Isn’t “tile” just another word for “icon”? Infography vs iconography explained.

Icons are everywhere. Literally everywhere. They have become as mainstream as apple pie and any time we’re in front of a computer or other digital device, chances are you’re launching an app through an icon. But what if there was a better way?

We are inundated with icons wherever we go.  On the PC desktop, on tablets, on websites, on phones and pretty much everywhere else.  Icons are very useful as they are an abstraction of a concept that our brains can associate with that makes it easy to understand and launch an app.

But as an abstraction of a concept, all an icon does is act as a gateway to the user to launch an app.  It doesn’t provide any real information.  When we introduced Windows Phone, we also introduced the concept of the “tile”.  A tile is much more than an icon.  In the very base case, a tile is like an icon, but to you as an Windows Phone application publisher, the tile can become much, much more.  The intent of a tile is to provide information to the user, not just an abstraction of a concept.  This is what we call being infographic vs. iconographic.


The intent of Live Tiles is to present information that the user can act upon.  The tile becomes more than a a picture; it becomes something that allows the user to find information about that particular app without even getting in it.  For example, looking at the Windows Phone start screen (right-most phone screen), without getting into an app I know that that I have:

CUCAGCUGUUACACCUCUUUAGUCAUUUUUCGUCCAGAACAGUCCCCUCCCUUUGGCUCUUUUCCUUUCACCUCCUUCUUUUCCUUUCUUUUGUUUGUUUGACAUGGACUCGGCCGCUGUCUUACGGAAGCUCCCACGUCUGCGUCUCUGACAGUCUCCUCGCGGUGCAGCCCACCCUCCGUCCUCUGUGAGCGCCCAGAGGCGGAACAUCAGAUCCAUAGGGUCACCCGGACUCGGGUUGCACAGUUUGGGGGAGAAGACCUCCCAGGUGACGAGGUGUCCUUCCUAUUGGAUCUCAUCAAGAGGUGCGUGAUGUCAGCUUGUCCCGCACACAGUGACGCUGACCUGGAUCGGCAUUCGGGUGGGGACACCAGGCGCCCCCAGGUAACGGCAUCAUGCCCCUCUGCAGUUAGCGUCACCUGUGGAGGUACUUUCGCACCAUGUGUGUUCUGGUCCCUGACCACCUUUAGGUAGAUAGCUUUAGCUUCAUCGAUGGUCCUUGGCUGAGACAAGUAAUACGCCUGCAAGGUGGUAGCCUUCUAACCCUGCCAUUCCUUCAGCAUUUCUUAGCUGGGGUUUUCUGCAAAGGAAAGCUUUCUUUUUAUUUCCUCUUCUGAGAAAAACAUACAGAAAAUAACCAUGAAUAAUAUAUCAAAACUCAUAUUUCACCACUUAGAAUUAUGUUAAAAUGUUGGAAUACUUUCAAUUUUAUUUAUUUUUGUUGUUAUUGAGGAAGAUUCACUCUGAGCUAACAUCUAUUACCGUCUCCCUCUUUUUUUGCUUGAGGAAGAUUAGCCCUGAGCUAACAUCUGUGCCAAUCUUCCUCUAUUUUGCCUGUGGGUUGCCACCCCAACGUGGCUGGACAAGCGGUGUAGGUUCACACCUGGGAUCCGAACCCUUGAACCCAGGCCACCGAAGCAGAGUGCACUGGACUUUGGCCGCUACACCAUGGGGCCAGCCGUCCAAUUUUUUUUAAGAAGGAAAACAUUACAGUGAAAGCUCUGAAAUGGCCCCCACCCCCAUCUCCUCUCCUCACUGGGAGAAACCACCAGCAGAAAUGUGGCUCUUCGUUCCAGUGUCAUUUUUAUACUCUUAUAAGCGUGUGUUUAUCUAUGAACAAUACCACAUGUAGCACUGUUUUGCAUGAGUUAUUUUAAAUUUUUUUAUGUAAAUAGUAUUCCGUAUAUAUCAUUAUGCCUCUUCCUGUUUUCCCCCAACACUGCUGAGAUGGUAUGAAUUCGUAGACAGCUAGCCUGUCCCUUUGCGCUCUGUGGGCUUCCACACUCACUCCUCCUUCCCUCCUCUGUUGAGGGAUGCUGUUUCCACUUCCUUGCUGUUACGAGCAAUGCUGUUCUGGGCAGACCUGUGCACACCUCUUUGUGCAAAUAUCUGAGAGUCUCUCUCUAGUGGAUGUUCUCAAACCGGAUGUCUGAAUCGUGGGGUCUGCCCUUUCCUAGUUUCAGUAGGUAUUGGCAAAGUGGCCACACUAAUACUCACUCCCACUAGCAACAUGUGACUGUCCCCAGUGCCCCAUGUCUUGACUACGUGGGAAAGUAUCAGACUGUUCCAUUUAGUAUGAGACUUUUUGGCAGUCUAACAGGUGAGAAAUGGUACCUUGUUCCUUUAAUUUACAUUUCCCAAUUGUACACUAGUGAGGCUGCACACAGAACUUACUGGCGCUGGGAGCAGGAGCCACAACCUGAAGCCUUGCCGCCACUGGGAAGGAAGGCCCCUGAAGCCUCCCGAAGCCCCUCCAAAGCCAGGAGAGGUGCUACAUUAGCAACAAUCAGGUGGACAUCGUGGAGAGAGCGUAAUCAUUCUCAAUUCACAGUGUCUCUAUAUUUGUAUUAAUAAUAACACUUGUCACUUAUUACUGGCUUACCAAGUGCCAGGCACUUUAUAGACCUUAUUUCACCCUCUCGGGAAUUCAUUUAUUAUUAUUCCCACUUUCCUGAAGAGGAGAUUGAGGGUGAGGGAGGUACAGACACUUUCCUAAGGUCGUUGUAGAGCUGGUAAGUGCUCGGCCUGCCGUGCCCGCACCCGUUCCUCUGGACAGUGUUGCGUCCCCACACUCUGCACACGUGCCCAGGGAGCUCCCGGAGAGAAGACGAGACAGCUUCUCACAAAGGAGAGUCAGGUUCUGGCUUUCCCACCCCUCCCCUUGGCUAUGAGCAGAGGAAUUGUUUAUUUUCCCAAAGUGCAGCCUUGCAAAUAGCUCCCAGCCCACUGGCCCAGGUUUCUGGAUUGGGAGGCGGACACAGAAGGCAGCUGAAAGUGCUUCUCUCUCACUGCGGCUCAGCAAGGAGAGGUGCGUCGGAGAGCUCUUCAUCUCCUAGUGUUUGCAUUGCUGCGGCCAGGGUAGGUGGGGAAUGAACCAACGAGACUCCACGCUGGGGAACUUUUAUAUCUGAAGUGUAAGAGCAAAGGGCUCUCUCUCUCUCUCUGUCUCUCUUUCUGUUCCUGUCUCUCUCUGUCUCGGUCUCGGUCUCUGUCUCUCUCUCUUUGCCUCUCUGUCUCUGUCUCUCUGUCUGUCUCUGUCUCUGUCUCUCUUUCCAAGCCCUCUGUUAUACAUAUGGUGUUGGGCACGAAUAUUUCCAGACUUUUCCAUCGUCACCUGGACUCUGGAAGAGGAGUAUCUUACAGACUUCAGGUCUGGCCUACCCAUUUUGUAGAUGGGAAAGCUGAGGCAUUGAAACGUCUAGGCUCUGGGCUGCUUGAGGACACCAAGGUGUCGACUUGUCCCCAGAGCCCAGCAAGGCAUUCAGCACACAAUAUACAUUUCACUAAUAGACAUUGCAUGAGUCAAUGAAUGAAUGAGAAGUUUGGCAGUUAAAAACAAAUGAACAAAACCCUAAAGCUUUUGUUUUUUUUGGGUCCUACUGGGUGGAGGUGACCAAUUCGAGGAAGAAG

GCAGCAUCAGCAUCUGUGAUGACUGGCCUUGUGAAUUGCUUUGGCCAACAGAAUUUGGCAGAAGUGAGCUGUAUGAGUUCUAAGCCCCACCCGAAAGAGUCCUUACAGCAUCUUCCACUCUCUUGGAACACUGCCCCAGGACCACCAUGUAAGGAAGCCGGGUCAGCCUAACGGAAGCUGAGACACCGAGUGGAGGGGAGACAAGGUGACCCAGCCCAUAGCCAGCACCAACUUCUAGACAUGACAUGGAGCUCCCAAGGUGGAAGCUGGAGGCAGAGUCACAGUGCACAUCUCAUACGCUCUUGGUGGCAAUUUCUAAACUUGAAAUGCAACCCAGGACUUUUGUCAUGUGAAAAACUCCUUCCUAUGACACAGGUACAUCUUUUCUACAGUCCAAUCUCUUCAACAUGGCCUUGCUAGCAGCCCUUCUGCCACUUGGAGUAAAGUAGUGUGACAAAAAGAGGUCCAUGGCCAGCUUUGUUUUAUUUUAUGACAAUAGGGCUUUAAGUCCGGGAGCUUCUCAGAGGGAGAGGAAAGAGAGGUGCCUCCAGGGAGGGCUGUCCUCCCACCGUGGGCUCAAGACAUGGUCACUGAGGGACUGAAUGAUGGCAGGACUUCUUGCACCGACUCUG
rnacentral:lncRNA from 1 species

• 2 missed phone calls
  • 3 new text messages
  • 25 unread emails from Exchange
  • A picture from a family hike (that may be posted by me or one of my friends on Facebook)
  • Pictures of some of my recent contacts on my People hub

All of that information at a single glance, without needing to open a single app.  As an app developer targeting Windows Phone, you can take advantage of Live Tiles in your app to drive further value for your users and differentiate your app over others in the Marketplace.

If you want to find out how to use Live Tiles in your apps, you can find more information on programming with Live Tiles here.

To see live tiles in action, take a look at the video below by Daniel Egan, a colleague of mine in the US:

Daniel Egan demonstrates how Live Tiles on Windows Phone works.

This post is the third in a series of posts on Metro found on this blog. The first post (“Unlocking the motivation of your mobile app user”) can be found here. The second (“My app has principles – understanding the Metro design principles”) can be found here. The fourth post (“Going with the flow… Using Metro to control the experience”) can be found here. The fifth and final post (“Making users awesome in the moment”) can be found here.